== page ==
By Jahrock Ujewe
The Agenda for Niger Delta New Vision media workshop held on August 2, 2018 at BON Hotel in Warri, Delta State, was different from another workshop I had attended prior to that day. Apart from focusing on the Niger Delta region, it brought together representatives from media houses and Civil society Organisations (CSOs), and offered them the opportunity to deliberate on government’s development efforts in the region. For critics, who had the perception that the President Muhammadu Buhari-led administration was not doing enough for the region, it was an eye opener for them, as some of the gains made were unveiled in the course of the session.
One startling moment at the workshop was when the current Vice Chancellor of the Maritime University, Okerenkoko, Delta State, Prof. Maureen Etebu, presented a paper on the journey so far at the institution. Contrary to the general misconceptions about the school, Prof. Etebu began her submission by saying that the university has fully commenced academic operations, and most importantly, the recently concluded recruitment exercise to fill vacant positions in the institution was done with uttermost sense of merit and credibility. This was an eye-opener for me and some other media representatives present, as the Vice Chancellor further disclosed that the Maritime University will be holding its first matriculation ceremony in October.
If the Maritime University, which currently has about 300 pioneer students, holds successfully its first matriculation ceremony, it will put to bed the negative reports about the current government’s interest towards the take-off of the school and it will definitely be a plus to its desire to ensure the government is a continuum, in terms of inherited projects and project implementation.
Due to the existence of illegal refineries in the Niger Delta region, there has been calls for government to look at alternative means to exploit these activities for economic gains. It was really interesting to know that the present Buhari administration is responding now, thereby showing its commitment to the environmental well-being of the Niger Delta region. The Technical Assistant to the Minister of State for Petroleum Resources on Refineries and Downstream Infrastructure, Mr. Christopher Ilukhor, while delivering a on Modular Refineries, noted some gains recorded so far. As part of the Niger Delta New Vision, the President Muhammadu Buhari-led administration has licensed some modular refinery operators to commence operations. Two of such refineries are being constructed in the region.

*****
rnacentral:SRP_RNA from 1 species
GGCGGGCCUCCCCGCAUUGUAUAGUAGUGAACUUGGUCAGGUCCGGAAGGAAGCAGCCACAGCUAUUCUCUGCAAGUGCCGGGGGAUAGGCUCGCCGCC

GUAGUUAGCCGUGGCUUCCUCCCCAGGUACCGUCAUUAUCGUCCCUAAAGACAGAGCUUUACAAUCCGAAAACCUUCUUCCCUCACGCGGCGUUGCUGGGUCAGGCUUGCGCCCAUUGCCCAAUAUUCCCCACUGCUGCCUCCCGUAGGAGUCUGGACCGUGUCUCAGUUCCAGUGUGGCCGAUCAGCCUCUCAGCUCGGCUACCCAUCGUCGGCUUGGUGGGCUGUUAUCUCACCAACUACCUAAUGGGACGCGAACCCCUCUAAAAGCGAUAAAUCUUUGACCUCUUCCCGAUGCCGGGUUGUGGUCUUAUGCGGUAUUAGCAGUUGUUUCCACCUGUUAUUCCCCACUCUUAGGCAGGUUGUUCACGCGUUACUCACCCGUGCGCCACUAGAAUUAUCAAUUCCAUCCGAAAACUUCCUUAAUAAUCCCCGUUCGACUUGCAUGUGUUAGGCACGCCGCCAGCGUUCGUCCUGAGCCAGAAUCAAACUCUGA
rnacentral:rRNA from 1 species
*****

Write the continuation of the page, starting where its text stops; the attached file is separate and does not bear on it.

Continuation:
Participants were shown pictorial evidence of the level of work done at one of the modular refineries in Kwale, Delta State. This refinery would soon commence operations and it would create some substantial amount of quality jobs for Nigerians. This is clearly a departure from the past, where promises were made but not fulfilled.
My experience at the workshop will not be complete, if I do not talk about the break out session on the role of the media in communicating the Niger Delta New Vision.
Among other things, the Niger Delta New Vision is about the progress and stability of the region. This breakout session for the media, anchored by Philip Jakpor, sought to correct the negative impression created by the usual narratives in the media about the Niger Delta.
I must admit that a section of the media has portrayed the region as being hostile to investors and other agents of meaningful development. While the Niger Delta has been subjected to exploitation and underdevelopment, the need for balanced reportage was adequately stressed. Putting the region in the right perspective in news reports will not only attract investors, but guarantee sustainable development and stability.
The workshop deservedly came to an end with the Senior Special Assistant on Economic Matters, in the Office of the Vice President, Mr. Edobor Iyamu, saying that the Niger Delta region is perpetually in the eye of the Federal Government, noting that the Buhari administration remains determined to implement its developmental plans for the region. That says a lot.
As a media professional, I am ready to partner with the government on the Niger Delta New Vision towards a prosperous region by setting the agenda right in my reportage.